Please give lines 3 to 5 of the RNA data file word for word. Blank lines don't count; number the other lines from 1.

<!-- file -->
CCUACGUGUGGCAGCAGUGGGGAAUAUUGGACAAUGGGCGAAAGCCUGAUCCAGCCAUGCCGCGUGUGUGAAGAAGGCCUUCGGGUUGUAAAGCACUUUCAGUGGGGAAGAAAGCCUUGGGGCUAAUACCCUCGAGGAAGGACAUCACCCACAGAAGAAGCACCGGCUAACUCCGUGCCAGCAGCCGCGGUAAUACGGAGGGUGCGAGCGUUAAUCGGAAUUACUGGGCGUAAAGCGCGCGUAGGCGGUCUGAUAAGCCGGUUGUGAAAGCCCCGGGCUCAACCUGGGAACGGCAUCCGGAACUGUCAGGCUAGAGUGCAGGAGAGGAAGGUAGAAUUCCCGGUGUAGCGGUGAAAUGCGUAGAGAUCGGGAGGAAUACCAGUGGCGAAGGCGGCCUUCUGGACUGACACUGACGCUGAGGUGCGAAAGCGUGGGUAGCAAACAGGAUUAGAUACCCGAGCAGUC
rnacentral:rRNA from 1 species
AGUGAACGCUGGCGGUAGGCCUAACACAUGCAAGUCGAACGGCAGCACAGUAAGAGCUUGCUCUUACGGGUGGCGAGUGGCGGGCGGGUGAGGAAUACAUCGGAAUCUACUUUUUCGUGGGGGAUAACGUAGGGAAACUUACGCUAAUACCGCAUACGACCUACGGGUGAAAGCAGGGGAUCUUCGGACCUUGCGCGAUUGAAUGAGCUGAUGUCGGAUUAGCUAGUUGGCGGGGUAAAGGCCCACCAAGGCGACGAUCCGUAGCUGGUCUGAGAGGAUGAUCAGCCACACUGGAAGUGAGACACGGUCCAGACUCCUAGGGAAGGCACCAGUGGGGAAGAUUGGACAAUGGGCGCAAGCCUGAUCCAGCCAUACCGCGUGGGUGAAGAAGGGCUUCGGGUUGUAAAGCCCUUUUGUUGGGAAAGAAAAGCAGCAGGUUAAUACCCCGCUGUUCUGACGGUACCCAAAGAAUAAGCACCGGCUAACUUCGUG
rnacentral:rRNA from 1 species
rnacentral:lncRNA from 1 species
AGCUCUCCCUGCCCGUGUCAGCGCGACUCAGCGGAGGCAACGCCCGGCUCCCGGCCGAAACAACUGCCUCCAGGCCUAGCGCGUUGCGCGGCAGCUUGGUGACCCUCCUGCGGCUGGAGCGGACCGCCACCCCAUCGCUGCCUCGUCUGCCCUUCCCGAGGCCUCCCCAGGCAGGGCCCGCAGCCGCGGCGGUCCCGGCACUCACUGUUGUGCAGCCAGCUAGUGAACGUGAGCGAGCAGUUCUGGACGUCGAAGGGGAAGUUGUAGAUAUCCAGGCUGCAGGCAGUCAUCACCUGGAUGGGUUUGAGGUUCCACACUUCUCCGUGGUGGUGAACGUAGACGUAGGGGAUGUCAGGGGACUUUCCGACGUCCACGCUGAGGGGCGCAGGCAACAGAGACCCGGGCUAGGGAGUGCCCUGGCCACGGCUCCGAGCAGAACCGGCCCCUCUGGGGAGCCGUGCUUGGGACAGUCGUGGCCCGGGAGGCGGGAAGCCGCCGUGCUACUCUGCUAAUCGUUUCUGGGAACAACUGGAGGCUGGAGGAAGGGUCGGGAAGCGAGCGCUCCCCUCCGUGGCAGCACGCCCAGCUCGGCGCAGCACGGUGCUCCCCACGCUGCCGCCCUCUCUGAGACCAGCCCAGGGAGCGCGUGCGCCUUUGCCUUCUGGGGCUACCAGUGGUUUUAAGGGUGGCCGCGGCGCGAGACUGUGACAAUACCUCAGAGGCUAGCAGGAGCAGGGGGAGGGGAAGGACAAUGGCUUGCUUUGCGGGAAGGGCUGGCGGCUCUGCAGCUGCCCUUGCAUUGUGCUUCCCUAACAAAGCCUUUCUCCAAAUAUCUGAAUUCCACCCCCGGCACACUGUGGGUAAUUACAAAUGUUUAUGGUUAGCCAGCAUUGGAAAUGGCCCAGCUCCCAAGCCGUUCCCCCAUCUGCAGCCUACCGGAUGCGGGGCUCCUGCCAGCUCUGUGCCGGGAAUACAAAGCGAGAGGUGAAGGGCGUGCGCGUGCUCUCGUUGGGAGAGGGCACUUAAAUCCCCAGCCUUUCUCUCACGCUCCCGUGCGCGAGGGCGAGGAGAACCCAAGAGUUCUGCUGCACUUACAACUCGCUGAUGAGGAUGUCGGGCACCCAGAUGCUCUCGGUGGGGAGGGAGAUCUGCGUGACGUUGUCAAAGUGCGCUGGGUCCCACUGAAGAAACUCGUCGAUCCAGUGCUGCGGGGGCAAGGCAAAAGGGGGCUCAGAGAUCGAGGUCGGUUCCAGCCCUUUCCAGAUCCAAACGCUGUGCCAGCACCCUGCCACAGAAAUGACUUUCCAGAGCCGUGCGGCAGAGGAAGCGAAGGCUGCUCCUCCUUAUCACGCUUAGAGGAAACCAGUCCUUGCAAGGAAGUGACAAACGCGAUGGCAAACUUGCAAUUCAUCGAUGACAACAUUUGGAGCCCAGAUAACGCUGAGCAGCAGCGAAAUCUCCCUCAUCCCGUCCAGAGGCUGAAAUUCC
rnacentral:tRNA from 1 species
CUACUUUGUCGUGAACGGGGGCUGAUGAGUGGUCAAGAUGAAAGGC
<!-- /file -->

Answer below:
AGUGAACGCUGGCGGUAGGCCUAACACAUGCAAGUCGAACGGCAGCACAGUAAGAGCUUGCUCUUACGGGUGGCGAGUGGCGGGCGGGUGAGGAAUACAUCGGAAUCUACUUUUUCGUGGGGGAUAACGUAGGGAAACUUACGCUAAUACCGCAUACGACCUACGGGUGAAAGCAGGGGAUCUUCGGACCUUGCGCGAUUGAAUGAGCUGAUGUCGGAUUAGCUAGUUGGCGGGGUAAAGGCCCACCAAGGCGACGAUCCGUAGCUGGUCUGAGAGGAUGAUCAGCCACACUGGAAGUGAGACACGGUCCAGACUCCUAGGGAAGGCACCAGUGGGGAAGAUUGGACAAUGGGCGCAAGCCUGAUCCAGCCAUACCGCGUGGGUGAAGAAGGGCUUCGGGUUGUAAAGCCCUUUUGUUGGGAAAGAAAAGCAGCAGGUUAAUACCCCGCUGUUCUGACGGUACCCAAAGAAUAAGCACCGGCUAACUUCGUG
rnacentral:rRNA from 1 species
rnacentral:lncRNA from 1 species